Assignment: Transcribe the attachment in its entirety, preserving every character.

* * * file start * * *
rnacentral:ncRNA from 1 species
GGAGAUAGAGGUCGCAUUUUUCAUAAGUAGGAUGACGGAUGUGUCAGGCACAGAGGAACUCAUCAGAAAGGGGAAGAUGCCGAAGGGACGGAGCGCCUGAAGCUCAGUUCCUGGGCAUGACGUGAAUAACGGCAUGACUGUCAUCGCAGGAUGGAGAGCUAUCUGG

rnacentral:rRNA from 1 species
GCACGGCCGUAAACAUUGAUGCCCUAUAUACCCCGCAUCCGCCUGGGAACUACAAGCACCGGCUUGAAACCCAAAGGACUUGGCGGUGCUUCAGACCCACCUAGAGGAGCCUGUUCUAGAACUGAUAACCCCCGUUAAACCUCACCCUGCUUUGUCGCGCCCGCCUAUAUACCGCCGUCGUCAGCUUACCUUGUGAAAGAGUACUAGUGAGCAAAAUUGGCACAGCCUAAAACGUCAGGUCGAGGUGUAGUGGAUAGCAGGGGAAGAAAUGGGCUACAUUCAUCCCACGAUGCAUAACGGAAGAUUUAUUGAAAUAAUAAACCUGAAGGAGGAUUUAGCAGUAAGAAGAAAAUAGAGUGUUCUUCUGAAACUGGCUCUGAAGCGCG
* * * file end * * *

rnacentral:ncRNA from 1 species
GGAGAUAGAGGUCGCAUUUUUCAUAAGUAGGAUGACGGAUGUGUCAGGCACAGAGGAACUCAUCAGAAAGGGGAAGAUGCCGAAGGGACGGAGCGCCUGAAGCUCAGUUCCUGGGCAUGACGUGAAUAACGGCAUGACUGUCAUCGCAGGAUGGAGAGCUAUCUGG

rnacentral:rRNA from 1 species
GCACGGCCGUAAACAUUGAUGCCCUAUAUACCCCGCAUCCGCCUGGGAACUACAAGCACCGGCUUGAAACCCAAAGGACUUGGCGGUGCUUCAGACCCACCUAGAGGAGCCUGUUCUAGAACUGAUAACCCCCGUUAAACCUCACCCUGCUUUGUCGCGCCCGCCUAUAUACCGCCGUCGUCAGCUUACCUUGUGAAAGAGUACUAGUGAGCAAAAUUGGCACAGCCUAAAACGUCAGGUCGAGGUGUAGUGGAUAGCAGGGGAAGAAAUGGGCUACAUUCAUCCCACGAUGCAUAACGGAAGAUUUAUUGAAAUAAUAAACCUGAAGGAGGAUUUAGCAGUAAGAAGAAAAUAGAGUGUUCUUCUGAAACUGGCUCUGAAGCGCG